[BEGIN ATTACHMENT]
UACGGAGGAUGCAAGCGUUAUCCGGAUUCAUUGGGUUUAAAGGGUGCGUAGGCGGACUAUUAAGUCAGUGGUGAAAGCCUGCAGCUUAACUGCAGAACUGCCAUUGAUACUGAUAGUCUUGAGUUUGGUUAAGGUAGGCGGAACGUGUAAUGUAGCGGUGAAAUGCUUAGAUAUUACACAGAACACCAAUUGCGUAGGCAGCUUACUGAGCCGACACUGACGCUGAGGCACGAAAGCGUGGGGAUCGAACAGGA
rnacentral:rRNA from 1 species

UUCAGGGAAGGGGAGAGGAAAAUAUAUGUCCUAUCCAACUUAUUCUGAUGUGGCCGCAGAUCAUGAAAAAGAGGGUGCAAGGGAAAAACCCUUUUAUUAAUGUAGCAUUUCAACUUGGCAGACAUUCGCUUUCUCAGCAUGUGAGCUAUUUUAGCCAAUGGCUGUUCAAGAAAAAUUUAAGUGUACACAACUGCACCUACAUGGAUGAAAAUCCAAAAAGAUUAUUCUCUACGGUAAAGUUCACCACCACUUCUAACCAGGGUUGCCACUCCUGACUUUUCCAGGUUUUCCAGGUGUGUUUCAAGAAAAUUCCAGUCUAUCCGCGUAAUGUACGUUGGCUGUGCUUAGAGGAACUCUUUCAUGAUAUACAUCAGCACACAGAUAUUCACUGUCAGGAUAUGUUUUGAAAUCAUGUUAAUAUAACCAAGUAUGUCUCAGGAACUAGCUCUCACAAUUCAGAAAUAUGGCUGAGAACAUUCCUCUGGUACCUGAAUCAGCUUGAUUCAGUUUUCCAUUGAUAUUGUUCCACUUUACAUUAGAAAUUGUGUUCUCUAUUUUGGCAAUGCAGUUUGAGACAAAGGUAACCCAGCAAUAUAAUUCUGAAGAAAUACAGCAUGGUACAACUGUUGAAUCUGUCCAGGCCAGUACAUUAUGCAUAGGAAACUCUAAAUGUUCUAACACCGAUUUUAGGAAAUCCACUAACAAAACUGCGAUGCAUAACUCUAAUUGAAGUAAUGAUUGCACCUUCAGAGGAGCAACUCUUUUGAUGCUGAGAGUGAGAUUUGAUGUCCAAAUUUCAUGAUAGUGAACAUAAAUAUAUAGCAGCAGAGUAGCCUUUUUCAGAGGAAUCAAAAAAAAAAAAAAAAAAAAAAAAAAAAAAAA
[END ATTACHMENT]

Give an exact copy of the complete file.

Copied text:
UACGGAGGAUGCAAGCGUUAUCCGGAUUCAUUGGGUUUAAAGGGUGCGUAGGCGGACUAUUAAGUCAGUGGUGAAAGCCUGCAGCUUAACUGCAGAACUGCCAUUGAUACUGAUAGUCUUGAGUUUGGUUAAGGUAGGCGGAACGUGUAAUGUAGCGGUGAAAUGCUUAGAUAUUACACAGAACACCAAUUGCGUAGGCAGCUUACUGAGCCGACACUGACGCUGAGGCACGAAAGCGUGGGGAUCGAACAGGA
rnacentral:rRNA from 1 species

UUCAGGGAAGGGGAGAGGAAAAUAUAUGUCCUAUCCAACUUAUUCUGAUGUGGCCGCAGAUCAUGAAAAAGAGGGUGCAAGGGAAAAACCCUUUUAUUAAUGUAGCAUUUCAACUUGGCAGACAUUCGCUUUCUCAGCAUGUGAGCUAUUUUAGCCAAUGGCUGUUCAAGAAAAAUUUAAGUGUACACAACUGCACCUACAUGGAUGAAAAUCCAAAAAGAUUAUUCUCUACGGUAAAGUUCACCACCACUUCUAACCAGGGUUGCCACUCCUGACUUUUCCAGGUUUUCCAGGUGUGUUUCAAGAAAAUUCCAGUCUAUCCGCGUAAUGUACGUUGGCUGUGCUUAGAGGAACUCUUUCAUGAUAUACAUCAGCACACAGAUAUUCACUGUCAGGAUAUGUUUUGAAAUCAUGUUAAUAUAACCAAGUAUGUCUCAGGAACUAGCUCUCACAAUUCAGAAAUAUGGCUGAGAACAUUCCUCUGGUACCUGAAUCAGCUUGAUUCAGUUUUCCAUUGAUAUUGUUCCACUUUACAUUAGAAAUUGUGUUCUCUAUUUUGGCAAUGCAGUUUGAGACAAAGGUAACCCAGCAAUAUAAUUCUGAAGAAAUACAGCAUGGUACAACUGUUGAAUCUGUCCAGGCCAGUACAUUAUGCAUAGGAAACUCUAAAUGUUCUAACACCGAUUUUAGGAAAUCCACUAACAAAACUGCGAUGCAUAACUCUAAUUGAAGUAAUGAUUGCACCUUCAGAGGAGCAACUCUUUUGAUGCUGAGAGUGAGAUUUGAUGUCCAAAUUUCAUGAUAGUGAACAUAAAUAUAUAGCAGCAGAGUAGCCUUUUUCAGAGGAAUCAAAAAAAAAAAAAAAAAAAAAAAAAAAAAAAA